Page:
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10 key elements to check before hitting “send” on your media release

24 February, 2021

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Everyone knows that sinking feeling you get in your stomach after sending a big email and realising you’ve made a mistake or forgotten a crucial detail. 

When you hit send on your media release, we want you to have 100% peace of mind that your release is fully prepared for maximum impact. 

Here is a list of all the key elements to double-check before you hit send:

  • The five Ws: Does your release include all these key details:  Who, What, When, Where, Why and (bonus) How?


  • Length: Is your release too long or too short? Press releases are normally around 600 words, but there’s no need for them to meet that quota. Your release should only include necessary information, and you can even condense some of this into bullet points. Remember, journalists work to tight deadlines and don’t want to waste time either sorting through irrelevant information or chasing down crucial details that you forgot to include in your media release.

    Inverted pyramid structure. Credit: Wikipedia

  • Structure: Make sure the most important details are included in your headline and opening sentence. Your media release should follow the inverted pyramid structure, where the most important elements can be read first with less crucial details at the bottom.

    Tip: reading your media release out loud may help you identify any issues with flow.


  • Language: Try to be clear and concise with your language usage, and avoid unnecessary jargon. Use active voice wherever possible to maintain energy in your press release. 

  • Spelling and grammar: Now that you’re confident your content is ready, do a quick spelling and grammar check. Here are some things to look out for that spellcheck might not pick up on:

    • Make sure your spell check is set to Australian English.

    • Make sure you have used the right contractions, and correct there, their, or they’re, affect or effect, and then or than. 

    • Have you capitalised all the appropriate words? Headlines should only use a capital on the first word, aside from proper nouns. Double-check any organisations/companies etc. to find out whether ‘The’ is included in their title e.g. The Age newspaper  vs the Herald Sun newspaper.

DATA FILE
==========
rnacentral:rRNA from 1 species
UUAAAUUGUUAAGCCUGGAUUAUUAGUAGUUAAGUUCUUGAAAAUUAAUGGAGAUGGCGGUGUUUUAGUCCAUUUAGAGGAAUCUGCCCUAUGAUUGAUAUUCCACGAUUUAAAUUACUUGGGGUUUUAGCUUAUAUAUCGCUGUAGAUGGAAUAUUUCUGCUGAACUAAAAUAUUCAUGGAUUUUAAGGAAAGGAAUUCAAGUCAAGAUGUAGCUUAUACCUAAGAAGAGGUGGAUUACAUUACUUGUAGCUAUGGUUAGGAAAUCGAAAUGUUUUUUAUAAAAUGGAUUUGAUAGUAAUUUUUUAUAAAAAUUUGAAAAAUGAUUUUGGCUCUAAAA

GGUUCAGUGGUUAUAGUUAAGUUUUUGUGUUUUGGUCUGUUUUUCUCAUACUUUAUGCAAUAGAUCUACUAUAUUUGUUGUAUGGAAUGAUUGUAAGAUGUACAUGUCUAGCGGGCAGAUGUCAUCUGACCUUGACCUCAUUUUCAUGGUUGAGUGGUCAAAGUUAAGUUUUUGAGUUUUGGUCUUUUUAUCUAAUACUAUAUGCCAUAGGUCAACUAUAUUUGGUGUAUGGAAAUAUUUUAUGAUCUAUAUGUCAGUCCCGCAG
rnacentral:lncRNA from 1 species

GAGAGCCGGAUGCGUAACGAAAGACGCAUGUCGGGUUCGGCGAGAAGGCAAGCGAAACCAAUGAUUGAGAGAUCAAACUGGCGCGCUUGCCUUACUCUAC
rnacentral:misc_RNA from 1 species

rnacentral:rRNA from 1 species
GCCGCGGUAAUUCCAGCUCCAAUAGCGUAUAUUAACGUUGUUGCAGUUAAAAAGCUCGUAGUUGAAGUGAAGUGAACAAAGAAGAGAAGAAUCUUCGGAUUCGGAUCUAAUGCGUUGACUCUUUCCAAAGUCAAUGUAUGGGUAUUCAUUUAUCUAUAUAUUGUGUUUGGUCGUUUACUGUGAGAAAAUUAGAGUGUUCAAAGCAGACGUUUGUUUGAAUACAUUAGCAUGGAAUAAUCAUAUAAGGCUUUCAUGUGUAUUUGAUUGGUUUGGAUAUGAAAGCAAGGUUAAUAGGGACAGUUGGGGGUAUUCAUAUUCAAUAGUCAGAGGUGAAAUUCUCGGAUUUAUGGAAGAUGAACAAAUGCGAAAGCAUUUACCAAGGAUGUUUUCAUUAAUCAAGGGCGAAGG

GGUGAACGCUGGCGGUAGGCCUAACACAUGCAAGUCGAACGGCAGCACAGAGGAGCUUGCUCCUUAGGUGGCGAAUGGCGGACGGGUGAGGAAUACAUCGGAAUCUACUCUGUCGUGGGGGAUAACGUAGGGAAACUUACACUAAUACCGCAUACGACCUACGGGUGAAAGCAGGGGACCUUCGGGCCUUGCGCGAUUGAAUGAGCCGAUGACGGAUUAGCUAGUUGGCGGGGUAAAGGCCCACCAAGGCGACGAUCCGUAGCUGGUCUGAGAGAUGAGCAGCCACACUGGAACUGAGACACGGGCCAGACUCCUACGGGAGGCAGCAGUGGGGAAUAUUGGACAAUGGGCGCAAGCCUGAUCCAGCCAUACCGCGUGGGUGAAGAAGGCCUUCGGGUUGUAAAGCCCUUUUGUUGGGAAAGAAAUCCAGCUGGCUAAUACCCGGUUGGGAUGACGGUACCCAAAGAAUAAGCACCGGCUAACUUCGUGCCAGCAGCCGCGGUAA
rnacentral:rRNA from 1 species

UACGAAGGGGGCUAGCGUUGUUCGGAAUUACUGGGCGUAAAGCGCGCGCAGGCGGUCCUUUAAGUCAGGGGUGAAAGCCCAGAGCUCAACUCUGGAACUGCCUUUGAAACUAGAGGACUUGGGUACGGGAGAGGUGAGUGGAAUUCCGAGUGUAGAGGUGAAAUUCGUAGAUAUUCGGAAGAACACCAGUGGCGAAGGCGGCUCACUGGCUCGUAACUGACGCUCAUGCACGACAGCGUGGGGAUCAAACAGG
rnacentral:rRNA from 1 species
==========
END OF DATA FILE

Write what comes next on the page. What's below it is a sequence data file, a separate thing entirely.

• Double-check spellings on all names and places. 

    • Stay consistent with the tense that you’re using.

      Tip: Reading your release backwards (from end to beginning) can help you pick up on any mistakes that your brain may have skipped over. 


  • Stats and numbers: Make sure these are all written out correctly. One tiny typo could change the whole meaning of your press release. 

  • Links and URLS: Check you have included the necessary links and URLs, and these lead to the correct sites. 

  • Attachments: Have you included all the required attachments to your media release? These may include images, reports, infographics etc.

  • Images: Check that any images included are high resolution and captioned, and the photographer is credited.

  • Contact information: Don’t forget to provide a name, phone number and email address for someone the media can contact for more information, and check there are no typos. Make sure your spokesperson is also available so a journalist can quickly arrange an interview if necessary. 

Now you’ve been through this checklist, rest assured that your media release is ready for publication! Use a press release distribution service to get your story straight to the inboxes of all the right journalists and newsrooms. 

Still need help getting your story told by Australian media? Book a consultation to ensure you're targeting the right media outlets for your story.

Medianet is the ultimate PR platform connecting you with media contacts and outlets to get your story told.

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